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This paper reports 3 studies comparing the reading and phonological skills of children with Down syndrome (DS) and younger normally developing children of similar reading level. In Study 1, the two groups did not differ in sight word or nonword reading, but the children with DS did marginally less well on syllable segmentation, rhyme and phoneme detection tasks. Group differences in syllable and phoneme awareness appeared attributable to differences in verbal ability (BPVS, vocabulary knowledge); however, a significant impairment in rhyme detection remained in an analysis of sub-groups equated in vocabulary knowledge. The deficit in rhyme observed in DS was replicated in Studies 2 and 3 using simplified tests of rhyme judgement, with the majority of children with DS performing at chance on the rhyme measures. In contrast, the two groups did not differ in their ability to detect phonemes in any of the 3 studies and performed above chance in initial phoneme detection and alliteration judgement tasks, although the identification of final phonemes was at a much lower level. Correlational analyses indicated a relationship between phonological skills and reading in both groups. However, for children with DS, letter-sound knowledge did not predict reading whereas it did for normal controls. It is suggested that children with DS do not possess full phoneme awareness; although they can identify initial phonemes in words, they do not understand phoneme invariance and may rely less on phonological skills for reading than controls. © 2002 Kluwer Academic Publishers.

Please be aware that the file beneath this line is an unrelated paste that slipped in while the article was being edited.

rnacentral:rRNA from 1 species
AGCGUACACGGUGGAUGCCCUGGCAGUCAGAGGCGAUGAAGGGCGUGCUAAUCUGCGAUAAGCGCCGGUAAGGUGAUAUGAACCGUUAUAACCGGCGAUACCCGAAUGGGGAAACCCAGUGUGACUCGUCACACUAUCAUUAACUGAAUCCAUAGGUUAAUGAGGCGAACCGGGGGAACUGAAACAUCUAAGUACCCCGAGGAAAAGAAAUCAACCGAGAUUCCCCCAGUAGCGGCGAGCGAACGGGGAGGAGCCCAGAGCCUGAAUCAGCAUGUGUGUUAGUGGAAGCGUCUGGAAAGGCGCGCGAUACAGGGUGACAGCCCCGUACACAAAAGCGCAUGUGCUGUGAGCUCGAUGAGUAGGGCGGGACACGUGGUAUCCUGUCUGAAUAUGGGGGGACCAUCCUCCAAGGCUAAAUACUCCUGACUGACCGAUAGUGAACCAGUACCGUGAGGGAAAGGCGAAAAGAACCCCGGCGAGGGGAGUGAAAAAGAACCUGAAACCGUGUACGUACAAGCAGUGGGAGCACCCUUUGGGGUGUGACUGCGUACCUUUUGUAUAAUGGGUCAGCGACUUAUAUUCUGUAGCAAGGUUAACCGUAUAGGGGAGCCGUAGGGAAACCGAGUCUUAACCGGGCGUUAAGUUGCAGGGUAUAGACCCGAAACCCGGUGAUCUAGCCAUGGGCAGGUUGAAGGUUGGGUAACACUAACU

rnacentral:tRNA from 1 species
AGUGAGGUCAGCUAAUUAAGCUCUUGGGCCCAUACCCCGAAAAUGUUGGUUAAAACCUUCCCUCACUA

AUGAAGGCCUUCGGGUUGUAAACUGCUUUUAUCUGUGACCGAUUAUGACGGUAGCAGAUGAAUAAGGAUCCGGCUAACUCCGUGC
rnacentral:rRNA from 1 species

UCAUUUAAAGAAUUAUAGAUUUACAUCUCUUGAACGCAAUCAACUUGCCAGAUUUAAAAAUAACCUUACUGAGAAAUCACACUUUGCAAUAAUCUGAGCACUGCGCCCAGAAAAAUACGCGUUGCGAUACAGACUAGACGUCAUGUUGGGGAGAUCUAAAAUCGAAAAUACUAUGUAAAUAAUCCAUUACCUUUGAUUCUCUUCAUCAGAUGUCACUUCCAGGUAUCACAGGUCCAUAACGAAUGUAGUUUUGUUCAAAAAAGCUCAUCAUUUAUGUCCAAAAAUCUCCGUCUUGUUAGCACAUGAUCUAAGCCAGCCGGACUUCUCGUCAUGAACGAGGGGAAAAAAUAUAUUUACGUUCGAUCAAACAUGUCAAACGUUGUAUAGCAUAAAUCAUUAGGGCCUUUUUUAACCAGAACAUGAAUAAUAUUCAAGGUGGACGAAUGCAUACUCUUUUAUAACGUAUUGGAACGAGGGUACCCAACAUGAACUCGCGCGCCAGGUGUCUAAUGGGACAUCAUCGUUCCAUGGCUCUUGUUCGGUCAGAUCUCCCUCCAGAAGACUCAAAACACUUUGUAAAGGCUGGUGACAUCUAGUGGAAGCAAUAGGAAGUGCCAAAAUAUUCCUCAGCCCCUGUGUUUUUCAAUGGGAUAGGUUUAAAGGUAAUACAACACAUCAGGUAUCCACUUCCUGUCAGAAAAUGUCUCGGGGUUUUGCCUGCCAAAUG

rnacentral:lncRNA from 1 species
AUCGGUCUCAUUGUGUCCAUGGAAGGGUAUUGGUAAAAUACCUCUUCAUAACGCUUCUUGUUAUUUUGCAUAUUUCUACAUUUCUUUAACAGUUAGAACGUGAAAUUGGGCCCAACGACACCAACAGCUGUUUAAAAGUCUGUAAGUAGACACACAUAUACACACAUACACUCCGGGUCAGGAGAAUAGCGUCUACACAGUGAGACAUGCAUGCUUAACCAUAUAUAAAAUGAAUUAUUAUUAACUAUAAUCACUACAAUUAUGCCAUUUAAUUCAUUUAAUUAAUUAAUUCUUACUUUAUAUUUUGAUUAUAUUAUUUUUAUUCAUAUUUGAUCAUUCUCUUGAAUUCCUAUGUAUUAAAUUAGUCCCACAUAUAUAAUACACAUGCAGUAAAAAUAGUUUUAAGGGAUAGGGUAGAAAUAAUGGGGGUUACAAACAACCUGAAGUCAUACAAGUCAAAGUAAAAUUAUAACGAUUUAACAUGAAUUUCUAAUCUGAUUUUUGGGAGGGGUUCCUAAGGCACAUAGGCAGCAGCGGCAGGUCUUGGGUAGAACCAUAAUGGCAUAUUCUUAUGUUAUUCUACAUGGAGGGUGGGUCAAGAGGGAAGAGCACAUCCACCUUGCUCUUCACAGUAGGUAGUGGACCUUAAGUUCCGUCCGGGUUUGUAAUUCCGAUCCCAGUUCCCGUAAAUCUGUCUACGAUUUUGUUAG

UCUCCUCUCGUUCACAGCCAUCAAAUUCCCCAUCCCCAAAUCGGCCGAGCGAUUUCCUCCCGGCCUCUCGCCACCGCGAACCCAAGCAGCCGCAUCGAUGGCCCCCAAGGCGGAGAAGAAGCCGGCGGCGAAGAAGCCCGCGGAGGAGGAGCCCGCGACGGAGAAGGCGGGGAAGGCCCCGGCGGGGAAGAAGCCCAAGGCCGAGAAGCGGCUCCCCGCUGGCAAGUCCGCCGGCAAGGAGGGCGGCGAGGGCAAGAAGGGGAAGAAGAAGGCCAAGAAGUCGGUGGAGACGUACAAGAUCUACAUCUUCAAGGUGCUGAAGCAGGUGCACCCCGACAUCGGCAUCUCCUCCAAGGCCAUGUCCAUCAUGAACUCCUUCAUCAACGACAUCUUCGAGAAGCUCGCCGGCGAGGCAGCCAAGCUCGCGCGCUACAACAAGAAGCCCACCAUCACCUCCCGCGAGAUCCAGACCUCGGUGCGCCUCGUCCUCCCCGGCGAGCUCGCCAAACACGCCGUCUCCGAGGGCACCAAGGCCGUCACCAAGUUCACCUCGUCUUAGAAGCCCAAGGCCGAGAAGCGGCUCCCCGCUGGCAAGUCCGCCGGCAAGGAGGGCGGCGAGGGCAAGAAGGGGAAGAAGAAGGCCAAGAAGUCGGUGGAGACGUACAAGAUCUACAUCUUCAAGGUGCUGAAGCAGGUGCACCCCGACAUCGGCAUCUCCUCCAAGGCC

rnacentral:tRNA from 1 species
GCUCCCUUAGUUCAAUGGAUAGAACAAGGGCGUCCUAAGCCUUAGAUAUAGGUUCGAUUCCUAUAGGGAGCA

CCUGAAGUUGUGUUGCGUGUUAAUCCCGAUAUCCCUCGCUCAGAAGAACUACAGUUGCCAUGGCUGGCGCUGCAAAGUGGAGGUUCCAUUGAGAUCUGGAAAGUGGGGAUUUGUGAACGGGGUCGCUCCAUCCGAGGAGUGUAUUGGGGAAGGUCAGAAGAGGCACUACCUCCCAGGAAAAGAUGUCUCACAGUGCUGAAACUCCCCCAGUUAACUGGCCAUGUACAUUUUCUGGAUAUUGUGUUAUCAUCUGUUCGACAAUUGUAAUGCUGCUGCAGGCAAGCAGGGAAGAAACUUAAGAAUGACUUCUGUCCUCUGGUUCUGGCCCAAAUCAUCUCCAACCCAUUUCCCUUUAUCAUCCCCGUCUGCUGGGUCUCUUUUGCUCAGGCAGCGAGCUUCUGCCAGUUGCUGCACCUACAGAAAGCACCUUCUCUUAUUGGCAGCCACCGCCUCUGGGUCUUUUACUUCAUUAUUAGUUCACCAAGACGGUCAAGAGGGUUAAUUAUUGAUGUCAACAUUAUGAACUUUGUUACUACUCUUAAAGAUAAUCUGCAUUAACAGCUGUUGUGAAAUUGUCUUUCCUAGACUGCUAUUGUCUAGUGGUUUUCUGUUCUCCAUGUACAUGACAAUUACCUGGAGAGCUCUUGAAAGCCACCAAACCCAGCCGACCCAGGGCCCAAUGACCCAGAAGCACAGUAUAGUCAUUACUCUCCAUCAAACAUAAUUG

Journal article


Reading and Writing

Publication Date





471 - 495